It's not clear that the orange number shown for each company is the marketing spend dollars, not total revenue. The orange color-coordination with the doughnut chart implies that, but it should be more obvious.

I also think they meant to imply a connection between marketing spend and revenue growth, but that connection is not obvious in the infographic. The revenue growth in gray text-only looks like an afterthought.

Great source citations in the footer. They should also include a copyright statement and the URL link directly to the infographic landing page so readers can find the original full-size version.

This is also a good example of the Fair Use of trademarked logos to report comparisons between the various companies.

Found on Marketing Profs


The Increasingly Crowded Unicorn Club

The Increasingly Crowded Unicorn Club infographic

The Increasingly Crowded Unicorn Club is visualized by CB Insights in this chart showing the dates when these 141 companies became unicorns by reaching the $1 Billion valuation mark.

We looked at all still-private unicorns since 2011 and charted them based on when they first joined the unicorn club. While initially the chart shows unicorns being created at a relatively calm pace, the rhythm accelerates noticeably in late 2013 (right around the time Aileen Lee wrote her famous post coining the term unicorn in November 2013). Since then, there has been an explosion in unicorn creation, with over 60 new unicorns in 2015 alone.

The heights of the lines have no meaning, they are just connectors to the company logos.

This is a really good visualization that tells one story really well without crowding it with a bunch of extra information about the companies. Knowing that the image will most often be shared as a stand-alone piece, it would have been teer for them to include the URL back to the original infographic and a copyright statement in the infographic JPG image file itself.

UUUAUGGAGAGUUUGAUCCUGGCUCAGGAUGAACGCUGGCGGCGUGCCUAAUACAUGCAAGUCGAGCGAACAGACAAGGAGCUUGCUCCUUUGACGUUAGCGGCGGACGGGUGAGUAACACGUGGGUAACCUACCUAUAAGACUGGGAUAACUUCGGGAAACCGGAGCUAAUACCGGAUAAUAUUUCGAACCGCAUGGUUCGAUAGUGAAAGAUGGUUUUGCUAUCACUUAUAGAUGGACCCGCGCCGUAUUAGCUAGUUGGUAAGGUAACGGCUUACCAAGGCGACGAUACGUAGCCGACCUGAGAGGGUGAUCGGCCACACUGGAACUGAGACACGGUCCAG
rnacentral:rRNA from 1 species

Fun Facts About Candy Corn

Fun Facts About Candy Corn infographic

Happy National Candy Corn Day! The Fun Facts About Candy Corn infographic from Trillion Creative gives some interesting details about Halloween's most iconic candy.

Candy corn has become inextricably linked to Halloween. As the holiday approaches, you will be tempted by bags upon bags of candy corn available at all different kinds of retailers. Candy corn has been a part of the Halloween “brand” since 1880, originally developed to resemble a corn kernel to appeal to America’s farmers and their families. What is it about this little kernel of sugar that has made such a lasting impact on America’s celebration of Halloween?

Thanks to Larissa for sending in the link!


Asteroid ‘Spooky’ Will Flyby Earth on Halloween

National Geographic has published a great data visualization that compares the estimated size of the asteroid "Spooky" discovered only a few weeks ago with the well-known skyscrapers in New York City, Asteroid Called ‘Spooky’ Will Buzz Earth on Halloween

Astronomers from NASA's Near Earth Object Program first spotted the incoming asteroid on October 10, just three weeks before its closest approach. It was too small and faint to detect until it came within the range of large survey telescopes.

Nicknamed Spooky, the asteroid (officially called 2015 TB145) is estimated to be about 950 to 2,100 feet wide (290 to 650 meters). Scientists won't be sure of its exact size until they can do radar measurements—and the most accurate will be on Halloween, when it passes the closest.

This is a perfect way to use data visualization to put the information into perspective for the audience. It would be nice to have more of the building identified.


Murderers of Marvel

Morph Costumes has created the Murderers of Marvel infographic to show who is the deadliest comic character of Marvel.

Who is the deadliest character in the Marvel Universe? Wolverine? The Hulk? Deadpool?

We’ve had furious debates over this in the MorphCostumes office, pitting characters against one another in imaginary fights to the death.

This month, we decided to settle the argument once and for all. We combed our comic archives and ranked the deadliest Marvel characters, based on the number of people they’ve killed. From dangerous and deadly to downright lethal, here are the biggest killers in the main Marvel universe!

I'm actually surprised by the number of kills based on how easily comic book characters seem to survive or come back to life.

I like the color coding, and the consistent use of the grid of squares to visualize the data. The footer should include a copyright (or Creative Commons) license statement, and the URL to the infographic landing page so readers can find the original, full-size version.

Thanks to PJ from Big Apple Comics for sending in the link!